I reversed out of a disabled bay in a shopping precinct, stopped and put into drive. An elderly lady then reversed into me while I was stationary. She claimed £380 repair costs (her vehicle value was £290) my insurance company went 50/50 despite my objections. This need changing. I was penalised for someone elses error.

I also forgot to add, that having recently had a car accident where my vehicle was written off (and being offered the book price which was well below the current cost price for replacement for like for like) I was informed that costs for the courtesy car provided would effect my payout as this was effecting the insurance companies administration costs, but if I sent the car back early I would get a better final payout - how does that work? So I was pushed by the hire company to take a like for like hire car even though I was happy with a smaller vehicle to then find out I was being penalised for this! Complete lack of information upfront from Tesco Insurance! Stay clear!

All interesting reading but how will this benefit young drivers? As a parent trying to sort insurance for my daughter I'm aghast at the costs and there seems no way to reduce them to a manageable level. It's also disconcerting that figures quoted of 15% of road accidents are caused by young drivers but that's only 15% of ALL road accidents so those causing the other 85% aren't being penalised! A suitable proposal I'm sure could be to offer sensible initial premiums to younger drivers but with large excess levels and should they then have an accident which is their fault then any new premium will be hiked. This would I'm sure reduce the level of 15% down as they would want to keep their premiums low instead of the current situation where they are dammed whatever!

Ron, you are indeed correct, and there are lots of things you can do.We do reports called "causation reports" or "Locus reports" and we can help prove fault.If not your fault ,cost can be passed to the t/pty insurer.You own insurer"should" do this ,buy often does not...but things get very murky after that if you want to know the full stories.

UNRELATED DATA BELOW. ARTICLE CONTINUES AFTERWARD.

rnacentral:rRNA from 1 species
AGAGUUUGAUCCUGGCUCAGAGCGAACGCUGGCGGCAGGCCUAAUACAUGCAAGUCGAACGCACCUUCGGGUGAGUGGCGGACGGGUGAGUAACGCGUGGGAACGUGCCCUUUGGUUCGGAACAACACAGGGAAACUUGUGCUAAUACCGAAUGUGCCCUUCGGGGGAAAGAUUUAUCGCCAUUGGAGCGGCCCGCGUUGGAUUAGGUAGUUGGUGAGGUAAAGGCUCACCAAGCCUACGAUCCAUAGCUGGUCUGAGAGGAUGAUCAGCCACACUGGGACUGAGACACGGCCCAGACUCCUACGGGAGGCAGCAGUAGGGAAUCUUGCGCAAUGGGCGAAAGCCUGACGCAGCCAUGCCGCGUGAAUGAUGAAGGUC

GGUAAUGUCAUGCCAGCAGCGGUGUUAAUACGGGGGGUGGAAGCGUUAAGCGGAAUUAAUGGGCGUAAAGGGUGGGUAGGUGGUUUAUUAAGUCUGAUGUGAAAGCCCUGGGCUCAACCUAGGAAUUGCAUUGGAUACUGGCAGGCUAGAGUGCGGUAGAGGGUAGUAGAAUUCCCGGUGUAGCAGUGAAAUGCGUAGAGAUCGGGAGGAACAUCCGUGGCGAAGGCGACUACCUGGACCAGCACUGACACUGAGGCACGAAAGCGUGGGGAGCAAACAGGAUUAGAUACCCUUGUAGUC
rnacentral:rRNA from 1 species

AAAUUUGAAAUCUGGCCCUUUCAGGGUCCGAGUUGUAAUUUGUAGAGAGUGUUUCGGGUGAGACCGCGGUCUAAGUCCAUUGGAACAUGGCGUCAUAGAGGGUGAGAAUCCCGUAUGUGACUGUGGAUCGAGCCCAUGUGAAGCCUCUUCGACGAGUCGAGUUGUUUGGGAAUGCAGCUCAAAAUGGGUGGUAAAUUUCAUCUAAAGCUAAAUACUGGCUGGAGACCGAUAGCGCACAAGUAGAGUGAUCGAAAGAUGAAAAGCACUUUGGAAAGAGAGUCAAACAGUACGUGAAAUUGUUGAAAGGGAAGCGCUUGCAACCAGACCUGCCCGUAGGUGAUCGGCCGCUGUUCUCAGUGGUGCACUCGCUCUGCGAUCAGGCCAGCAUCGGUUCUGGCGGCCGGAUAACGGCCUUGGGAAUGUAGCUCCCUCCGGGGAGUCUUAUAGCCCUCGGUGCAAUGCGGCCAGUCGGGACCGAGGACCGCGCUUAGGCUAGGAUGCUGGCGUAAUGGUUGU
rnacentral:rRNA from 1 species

What about insurers default clauses????? T&C.. which penalise their drivers because they are not prepared to fight for those innocent customers ie broken mirrors, etc. This results in 50/50 settlement instead of fault claim on guilty driver, resultant premium increases to both parties, due insurance data base (artificially) recording a fault claim over next 5 years. Prot. no claims bonus is then a farce, quite often due to agreement between companies for self financial interest alone. This should be dealt with more urgently, as even ombudsman will uphold legal t&c ,over right & wrong, without being legally tested! Loaded against customers from the start who discover only when a claim is made... ie not prepared to accept the truth! This will result in their mutual agreement to record 50/50 blame on both parties, when simply not true! One quick phone call between claims departments "trumps" all statements of facts which create masses of paper work to no avail for customers! T&C BEWARE YOU HAVE BEEN WARNED!!!!!